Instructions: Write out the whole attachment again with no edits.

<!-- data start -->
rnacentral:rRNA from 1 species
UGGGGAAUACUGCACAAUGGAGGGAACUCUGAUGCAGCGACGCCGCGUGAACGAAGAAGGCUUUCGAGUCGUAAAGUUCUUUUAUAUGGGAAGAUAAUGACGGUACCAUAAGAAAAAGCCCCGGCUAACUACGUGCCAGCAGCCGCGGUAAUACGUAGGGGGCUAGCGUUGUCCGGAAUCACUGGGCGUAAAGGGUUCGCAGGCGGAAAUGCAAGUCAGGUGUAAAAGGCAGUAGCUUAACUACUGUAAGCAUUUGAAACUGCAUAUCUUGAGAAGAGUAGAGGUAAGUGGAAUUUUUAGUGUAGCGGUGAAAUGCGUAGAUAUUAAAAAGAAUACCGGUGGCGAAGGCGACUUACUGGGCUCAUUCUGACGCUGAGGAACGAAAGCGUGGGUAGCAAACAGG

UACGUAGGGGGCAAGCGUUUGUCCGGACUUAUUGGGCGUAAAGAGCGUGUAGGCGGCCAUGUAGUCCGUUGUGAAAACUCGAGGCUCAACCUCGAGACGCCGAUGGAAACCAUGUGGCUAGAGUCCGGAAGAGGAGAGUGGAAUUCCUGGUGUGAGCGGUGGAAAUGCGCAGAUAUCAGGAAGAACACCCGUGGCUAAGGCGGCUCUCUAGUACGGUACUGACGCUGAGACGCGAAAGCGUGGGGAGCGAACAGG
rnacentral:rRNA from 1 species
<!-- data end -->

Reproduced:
rnacentral:rRNA from 1 species
UGGGGAAUACUGCACAAUGGAGGGAACUCUGAUGCAGCGACGCCGCGUGAACGAAGAAGGCUUUCGAGUCGUAAAGUUCUUUUAUAUGGGAAGAUAAUGACGGUACCAUAAGAAAAAGCCCCGGCUAACUACGUGCCAGCAGCCGCGGUAAUACGUAGGGGGCUAGCGUUGUCCGGAAUCACUGGGCGUAAAGGGUUCGCAGGCGGAAAUGCAAGUCAGGUGUAAAAGGCAGUAGCUUAACUACUGUAAGCAUUUGAAACUGCAUAUCUUGAGAAGAGUAGAGGUAAGUGGAAUUUUUAGUGUAGCGGUGAAAUGCGUAGAUAUUAAAAAGAAUACCGGUGGCGAAGGCGACUUACUGGGCUCAUUCUGACGCUGAGGAACGAAAGCGUGGGUAGCAAACAGG

UACGUAGGGGGCAAGCGUUUGUCCGGACUUAUUGGGCGUAAAGAGCGUGUAGGCGGCCAUGUAGUCCGUUGUGAAAACUCGAGGCUCAACCUCGAGACGCCGAUGGAAACCAUGUGGCUAGAGUCCGGAAGAGGAGAGUGGAAUUCCUGGUGUGAGCGGUGGAAAUGCGCAGAUAUCAGGAAGAACACCCGUGGCUAAGGCGGCUCUCUAGUACGGUACUGACGCUGAGACGCGAAAGCGUGGGGAGCGAACAGG
rnacentral:rRNA from 1 species